One of the great things about restaurants like Gramercy Tavern, The Modern, Bobo, Colicchio & Sons, Aureole, et al. is that those who sit in the beautifully appointed dining rooms pay the formal dining room prices. Those who walk in or those wanting a more casual experience miss out on the formal glamor, the elegance of the main show but dine from a lower priced, bar food centric menu.
One of the big issues with Village newcomer The Lion is that the people out in Siberia, The Tavern Room, are paying dining room prices (meaning everything is $5-10 more than it should be) for a bar room experience. And unlike its clubby, throwback to another era predecessors like Monkey Bar, the rooms here are like night and day.
The main dining room is the one with the skylight, the paintings, the glamzons, the tablecloths, that terraced private table (see Sam Sifton's review). Over in the bar room it's impossibly loud, the tables are so close together it requires great skill and some embarrassment to get out, and for those seated by the bushes, there is a bonus Lemon Pine-Sol smell with a subtle hint of dog shit (see Adam Platt's review).
On top of that there's the bouncer at the front door who asks if you have a reservation as if it's a challenge, a bitchy reservation staff, and a bathroom attendant who is quite lovely but wholly unnecessary, perhaps placed there just to make sure none of these scenesters have sex in the loo.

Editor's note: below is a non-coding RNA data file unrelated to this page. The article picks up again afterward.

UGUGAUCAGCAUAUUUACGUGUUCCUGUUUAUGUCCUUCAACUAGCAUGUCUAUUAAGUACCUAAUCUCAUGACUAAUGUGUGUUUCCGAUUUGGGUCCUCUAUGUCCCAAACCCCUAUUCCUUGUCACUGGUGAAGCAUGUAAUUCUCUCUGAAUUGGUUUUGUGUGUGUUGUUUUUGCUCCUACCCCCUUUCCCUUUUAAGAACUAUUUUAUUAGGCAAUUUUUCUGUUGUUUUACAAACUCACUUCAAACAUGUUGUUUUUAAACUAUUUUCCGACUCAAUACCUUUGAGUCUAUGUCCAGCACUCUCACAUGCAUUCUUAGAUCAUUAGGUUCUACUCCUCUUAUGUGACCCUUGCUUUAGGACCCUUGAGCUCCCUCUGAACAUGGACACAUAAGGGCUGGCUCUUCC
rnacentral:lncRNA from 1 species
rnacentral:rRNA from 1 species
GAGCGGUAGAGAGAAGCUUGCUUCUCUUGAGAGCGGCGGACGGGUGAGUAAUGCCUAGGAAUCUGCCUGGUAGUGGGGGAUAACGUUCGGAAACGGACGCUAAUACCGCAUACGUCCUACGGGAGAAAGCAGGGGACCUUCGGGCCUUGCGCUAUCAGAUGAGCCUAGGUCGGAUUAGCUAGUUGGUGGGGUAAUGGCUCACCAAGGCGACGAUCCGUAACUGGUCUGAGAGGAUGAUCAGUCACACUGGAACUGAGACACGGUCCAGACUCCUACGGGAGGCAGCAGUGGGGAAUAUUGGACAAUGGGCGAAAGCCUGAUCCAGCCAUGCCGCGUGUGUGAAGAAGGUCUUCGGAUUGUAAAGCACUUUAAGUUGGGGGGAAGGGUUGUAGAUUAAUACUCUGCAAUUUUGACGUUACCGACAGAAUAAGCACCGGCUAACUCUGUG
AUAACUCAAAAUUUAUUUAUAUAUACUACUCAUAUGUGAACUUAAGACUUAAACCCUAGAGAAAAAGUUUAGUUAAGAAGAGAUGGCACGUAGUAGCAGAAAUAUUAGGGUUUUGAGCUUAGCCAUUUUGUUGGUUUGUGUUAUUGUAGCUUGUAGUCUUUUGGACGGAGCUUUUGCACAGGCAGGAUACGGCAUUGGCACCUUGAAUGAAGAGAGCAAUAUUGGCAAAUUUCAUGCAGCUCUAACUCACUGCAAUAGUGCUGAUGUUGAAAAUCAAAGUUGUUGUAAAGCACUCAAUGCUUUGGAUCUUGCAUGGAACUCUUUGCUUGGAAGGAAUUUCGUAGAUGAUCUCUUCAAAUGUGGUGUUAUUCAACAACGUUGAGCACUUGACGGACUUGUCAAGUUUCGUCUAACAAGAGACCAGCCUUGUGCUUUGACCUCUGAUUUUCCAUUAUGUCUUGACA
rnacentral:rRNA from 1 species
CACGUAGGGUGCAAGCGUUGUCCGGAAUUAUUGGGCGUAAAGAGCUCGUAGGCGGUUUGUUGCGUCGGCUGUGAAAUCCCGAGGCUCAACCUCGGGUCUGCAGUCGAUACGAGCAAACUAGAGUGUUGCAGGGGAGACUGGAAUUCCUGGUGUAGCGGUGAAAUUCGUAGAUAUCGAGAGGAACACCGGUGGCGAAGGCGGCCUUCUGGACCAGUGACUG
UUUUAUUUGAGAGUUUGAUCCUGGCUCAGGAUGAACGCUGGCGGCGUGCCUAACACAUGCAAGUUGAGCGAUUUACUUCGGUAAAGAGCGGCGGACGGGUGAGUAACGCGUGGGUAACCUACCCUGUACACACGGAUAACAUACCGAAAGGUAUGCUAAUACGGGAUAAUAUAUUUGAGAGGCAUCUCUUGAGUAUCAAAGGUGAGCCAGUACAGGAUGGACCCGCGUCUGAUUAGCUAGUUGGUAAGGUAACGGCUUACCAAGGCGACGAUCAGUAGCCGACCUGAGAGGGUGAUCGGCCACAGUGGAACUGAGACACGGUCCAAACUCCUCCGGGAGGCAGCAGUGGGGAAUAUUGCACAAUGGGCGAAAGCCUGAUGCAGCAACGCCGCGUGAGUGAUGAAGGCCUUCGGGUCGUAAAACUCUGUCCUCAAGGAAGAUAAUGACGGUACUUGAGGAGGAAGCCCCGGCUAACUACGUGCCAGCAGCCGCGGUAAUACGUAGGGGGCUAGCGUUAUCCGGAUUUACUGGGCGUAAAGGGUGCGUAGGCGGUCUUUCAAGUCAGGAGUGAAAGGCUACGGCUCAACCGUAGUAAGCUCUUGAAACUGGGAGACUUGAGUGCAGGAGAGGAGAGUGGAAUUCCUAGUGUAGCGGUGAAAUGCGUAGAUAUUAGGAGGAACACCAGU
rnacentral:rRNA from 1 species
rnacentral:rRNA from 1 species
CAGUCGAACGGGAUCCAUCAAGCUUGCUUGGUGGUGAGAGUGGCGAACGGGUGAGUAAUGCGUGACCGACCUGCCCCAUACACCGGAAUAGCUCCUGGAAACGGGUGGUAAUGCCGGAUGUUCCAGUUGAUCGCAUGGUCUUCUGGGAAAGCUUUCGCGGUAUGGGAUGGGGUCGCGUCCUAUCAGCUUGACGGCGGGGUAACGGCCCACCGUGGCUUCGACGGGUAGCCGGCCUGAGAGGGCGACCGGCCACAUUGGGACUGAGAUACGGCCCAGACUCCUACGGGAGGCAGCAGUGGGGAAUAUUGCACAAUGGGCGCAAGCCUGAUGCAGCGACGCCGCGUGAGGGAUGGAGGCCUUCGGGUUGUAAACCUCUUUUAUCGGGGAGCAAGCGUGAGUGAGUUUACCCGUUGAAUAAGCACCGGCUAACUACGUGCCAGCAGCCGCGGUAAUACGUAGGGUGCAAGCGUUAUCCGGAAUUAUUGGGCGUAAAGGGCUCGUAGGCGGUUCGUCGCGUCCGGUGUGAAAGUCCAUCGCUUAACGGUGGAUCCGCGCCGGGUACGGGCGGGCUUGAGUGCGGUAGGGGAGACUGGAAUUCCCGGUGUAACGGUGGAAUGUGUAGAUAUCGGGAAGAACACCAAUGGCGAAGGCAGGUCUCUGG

As far as the food goes, the two times I visited I found it decent to disappointing and somewhat overpriced (not on paper but for what you get). The burrata with watermelon and tomato water was, one guess, watery. The arichoke fritters were leaden, the fries overly starchy. The $18 burger (that comes without fries but with a whole jar of pickles) comes topped with a slab of excessive pork belly (bacon would get the job done in a much better fashion) and soaks through the bun by the time it arrives. The pasta annunziata ($23) is bland but oversalted, the lobster pot pie, filed with ample but chewy lobster, is small and runny. However, the green and white asparagus with a beautifully runny egg were lovely, as was the chicken, the souffle, the spinach, and the cheesecake in a jar.
That said, if food isn't your main concern and you can get a reservation in the main dining room, it's a beautiful place in which to dine. Service is friendly (until you take out a camera) and efficient without lags and without the feeling that they're aching to turn your table. John DeLucie is on the scene to glad hand, and the be-suited, chauncey crowd, well, it is what it is. If you're stuck in the bar room, have your dinner elsewhere and just stick around for a drink. It's a dark long bar and they have everything you need.
Verdict: As far as shitshows go, The Lion makes a fairly weak showing. Overpriced with a short half life but not a shitshow.